Nepal WASH Blog Water, Sanitation and Hygiene (WASH) & Development in Nepal

June 14, 2013

Don’t I have right to go to toilet as easily as you do?

I attended National Conference on Sanitation (NeCoSan) on March 15. When I reached the venue, I could not see other persons with disability present there. I was the only one.

There were four different sessions going on. I went to one called- Reaching the Unreached. This session included the presentation of different experts from sanitation sector. They discussed how to include the marginalised community in the broader sanitation programmes. These were mostly technical. Some of the speakers also talked about problems faced by disabled people in sanitation. However, it all seemed very plain because neither the speaker nor the audiences were from disability community.

A volunteer helping Mr Bhoj Raj Shrestha to get out from a government building. Mr Shrestha, disability rights activitst was invited to attend a talk programme by Department of Communications. However, the main entrance of this building had stairs making it hard for him to get in. Photo Source: Republica National Daily

At last, when all designated speakers finished their presentation, the organisers invited me to share my experience as a disabled person. I could see many people were excited to hear my story as I wheeled to the stage. I started with my own experience. I told them how lack of disabled friendly toilets has affected my personal and professional development. I also shared the story of my other friends who had different kind of disability but going through same problem as me.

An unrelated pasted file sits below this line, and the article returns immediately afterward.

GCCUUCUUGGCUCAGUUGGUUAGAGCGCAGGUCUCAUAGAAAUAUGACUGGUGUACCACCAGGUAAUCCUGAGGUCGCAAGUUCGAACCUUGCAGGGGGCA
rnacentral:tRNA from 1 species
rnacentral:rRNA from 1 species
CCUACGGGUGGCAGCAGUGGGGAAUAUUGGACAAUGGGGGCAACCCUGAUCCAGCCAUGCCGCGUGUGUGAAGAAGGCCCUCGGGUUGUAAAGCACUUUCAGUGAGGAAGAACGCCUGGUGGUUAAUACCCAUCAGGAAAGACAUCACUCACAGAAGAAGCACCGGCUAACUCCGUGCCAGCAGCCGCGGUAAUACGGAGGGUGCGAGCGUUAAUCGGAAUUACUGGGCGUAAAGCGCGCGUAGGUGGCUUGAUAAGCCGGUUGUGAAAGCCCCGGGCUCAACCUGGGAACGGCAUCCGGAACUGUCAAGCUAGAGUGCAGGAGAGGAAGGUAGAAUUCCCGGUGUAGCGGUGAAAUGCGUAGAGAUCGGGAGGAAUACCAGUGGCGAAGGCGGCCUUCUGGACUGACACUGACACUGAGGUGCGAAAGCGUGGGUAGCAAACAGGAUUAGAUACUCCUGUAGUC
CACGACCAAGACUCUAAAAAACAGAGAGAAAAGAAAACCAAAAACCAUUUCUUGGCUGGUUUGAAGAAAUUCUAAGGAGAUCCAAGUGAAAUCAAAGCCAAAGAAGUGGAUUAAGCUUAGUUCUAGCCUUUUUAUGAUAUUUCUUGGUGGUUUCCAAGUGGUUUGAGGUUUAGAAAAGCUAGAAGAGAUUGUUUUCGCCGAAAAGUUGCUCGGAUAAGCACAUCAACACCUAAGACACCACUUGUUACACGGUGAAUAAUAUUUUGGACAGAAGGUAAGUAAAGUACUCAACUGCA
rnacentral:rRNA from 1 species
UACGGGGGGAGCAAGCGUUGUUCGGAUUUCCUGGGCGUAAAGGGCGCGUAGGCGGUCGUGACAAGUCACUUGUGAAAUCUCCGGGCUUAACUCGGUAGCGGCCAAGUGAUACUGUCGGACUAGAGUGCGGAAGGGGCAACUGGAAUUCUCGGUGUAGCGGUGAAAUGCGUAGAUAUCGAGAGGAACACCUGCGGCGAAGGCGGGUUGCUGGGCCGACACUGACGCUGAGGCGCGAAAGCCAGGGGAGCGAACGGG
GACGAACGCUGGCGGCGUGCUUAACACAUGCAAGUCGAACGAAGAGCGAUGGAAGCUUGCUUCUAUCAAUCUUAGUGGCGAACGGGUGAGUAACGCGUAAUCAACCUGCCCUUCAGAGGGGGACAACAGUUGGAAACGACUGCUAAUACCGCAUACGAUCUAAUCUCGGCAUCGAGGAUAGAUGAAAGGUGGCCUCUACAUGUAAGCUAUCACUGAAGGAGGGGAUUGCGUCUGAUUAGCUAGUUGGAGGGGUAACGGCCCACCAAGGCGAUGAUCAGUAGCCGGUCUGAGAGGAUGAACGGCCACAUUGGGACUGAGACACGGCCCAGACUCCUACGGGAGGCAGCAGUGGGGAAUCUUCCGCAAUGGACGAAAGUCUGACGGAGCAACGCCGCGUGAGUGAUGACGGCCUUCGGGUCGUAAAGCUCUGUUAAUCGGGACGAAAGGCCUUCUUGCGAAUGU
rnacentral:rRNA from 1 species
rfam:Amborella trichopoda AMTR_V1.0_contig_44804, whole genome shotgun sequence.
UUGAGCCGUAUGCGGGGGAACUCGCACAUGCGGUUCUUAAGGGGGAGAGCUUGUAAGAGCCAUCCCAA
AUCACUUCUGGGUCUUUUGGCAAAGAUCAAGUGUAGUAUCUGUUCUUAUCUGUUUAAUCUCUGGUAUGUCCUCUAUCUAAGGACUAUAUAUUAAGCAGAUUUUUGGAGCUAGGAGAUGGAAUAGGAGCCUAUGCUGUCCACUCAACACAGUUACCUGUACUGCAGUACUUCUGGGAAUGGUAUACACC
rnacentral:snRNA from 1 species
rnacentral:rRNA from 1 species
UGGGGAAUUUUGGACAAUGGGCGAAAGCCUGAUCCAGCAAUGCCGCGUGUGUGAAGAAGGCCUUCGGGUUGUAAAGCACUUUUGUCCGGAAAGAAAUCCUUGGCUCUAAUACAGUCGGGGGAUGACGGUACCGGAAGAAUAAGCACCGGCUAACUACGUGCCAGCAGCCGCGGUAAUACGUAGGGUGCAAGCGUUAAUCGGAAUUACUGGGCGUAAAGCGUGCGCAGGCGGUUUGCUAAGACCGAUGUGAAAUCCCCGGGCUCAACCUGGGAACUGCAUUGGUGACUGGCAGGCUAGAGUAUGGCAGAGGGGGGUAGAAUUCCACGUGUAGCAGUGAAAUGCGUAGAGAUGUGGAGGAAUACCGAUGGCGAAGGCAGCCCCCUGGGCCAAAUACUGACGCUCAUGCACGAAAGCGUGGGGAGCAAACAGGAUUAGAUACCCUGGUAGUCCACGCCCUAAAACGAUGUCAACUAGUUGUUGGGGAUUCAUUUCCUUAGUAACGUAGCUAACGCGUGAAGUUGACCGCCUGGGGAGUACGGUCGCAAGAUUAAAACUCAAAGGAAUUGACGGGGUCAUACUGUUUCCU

I felt that the audiences were fully engaged in my story. Most of them were high-ranking government officials. I told them how I interpret exclusion of disabled people and what I think we should do end this exclusion. Lastly, I ended my session with a question- “Don’t I have right to go to toilet as easily as you do?”

After I finished my experience sharing, some participants expressed their views regarding disabled people access to sanitation. They said, “Though this problem comes up many times in sanitation gathering, it is not effective unless the affected groups or people come forward with their problem like today.” Some government officers even made commitments to make at least one toilet in their office disabled friendly.

I believe- sharing personal experience develops emotional relation with those who are listening to us. My participation in the NeCoSan was of similar kind. The impact was- most of the participants felt the problem genuinely. Aftermath of my participation in this conference is that, government has now become more sincere towards the problem faced by disabled people. Recently, in the closing ceremony of National Sanitation Action Week on J11 June, the government had included experience sharing of Ms Amrita Gyawali representing women with disabilities.

I hope all the institutions working in the sanitation sector will take into account the problems that we are facing due to lack of disabled friendly sanitation facilities. I hope someday very soon, I can also go to toilet easily, wherever and whenever I like.

The post is written by Mr Sagar Prasai – sagarDOTprasain@gmailDOTcom

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